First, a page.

In a recent piece about the most wondrous place on earth, Hobbiton, I let slip the fact that I am a class one Lord of the Rings nerd. Now, there is no point in trying to deny this and sweep it under the rug so I am going to do the opposite and embrace it. I will freely admit that there were a number of times while I was in New Zealand that my decision making was heavily influenced by the epic trilogy. I may have even purchased a location guide while in Hobbiton. Well, I am now going to tell you about one of those times: the Tongariro Crossing.
Firstly, I must say that while there is a Lord of the Rings connection here, the Tongariro Crossing owes none of its reputation to the movies. It was most certainly used as a location during the filming (and you will see why in a minute) but people were crossing Tongariro long before Sam and Frodo made the journey.
The Tongariro Crossing is the name of a hike. A hike through the most incredible active volcanic landscape that I have ever seen. I was doing the hike as it is one of the quintessential stops of the Stray bus and one of its most highly rated experiences. I only found out while in New Zealand that it is also the site of the infamous Mount Doom, the volcano into which Gollum swan dives with the One Ring. The hike itself takes you right to the base of Mt Doom, whose real name is Mt. Ngauruhoe, while traversing another volcano called Mt. Tongariro. It is known as the Tongariro Crossing because you begin at one side of the mountain and, you guessed it, cross to the other side. However, this was not the case when I undertook the adventure. Months earlier the volcano erupted! While people were hiking! As a result part of the track was closed and hikers were advised to turn back upon reaching a certain point.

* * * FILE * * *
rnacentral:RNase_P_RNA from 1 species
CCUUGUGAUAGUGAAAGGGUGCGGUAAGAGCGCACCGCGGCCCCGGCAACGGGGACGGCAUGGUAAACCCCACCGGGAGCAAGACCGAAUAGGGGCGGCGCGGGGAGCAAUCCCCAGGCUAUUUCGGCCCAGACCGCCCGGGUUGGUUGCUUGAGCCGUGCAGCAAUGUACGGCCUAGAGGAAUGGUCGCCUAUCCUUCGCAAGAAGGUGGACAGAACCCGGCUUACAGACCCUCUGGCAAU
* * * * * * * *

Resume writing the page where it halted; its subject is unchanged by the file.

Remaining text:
I, Dale “Kingsley” Walker, decided that such advice was for the weak. Did Frodo turn back when the slope of Mt. Doom was too steep? Did Sam give up when he was hit in the face with a rock thrown by Gollum? No! And neither would I. After climbing what felt like a million stairs, crossing a barren volcanic crater and scrambling up sheer rock faces I saw the sign advising that I give up, lest I be squashed by raining volcanic debris, and pushed on to reach the Blue Lake. When I came to another sign that told me not to stop, to prevent myself becoming a static target for falling rocks, I took it to heart and pushed through the final kilometre, finally reaching my goal.
I now know how Frodo and Sam must have felt as they lay, exhausted, upon the rock having saved Middle Earth from annihilation. As I reached the lake I collapsed onto a tussock of grass and gazed upon the beauty that surrounded me. It was a truly spectacular landscape made all the more impressive by the barren, volcanic surroundings complete with steam venting from the ground and ancient lava flows scarring the hillside. After spending 20 minutes absorbing the silent serenity I gathered myself to myself and prepared for the journey home.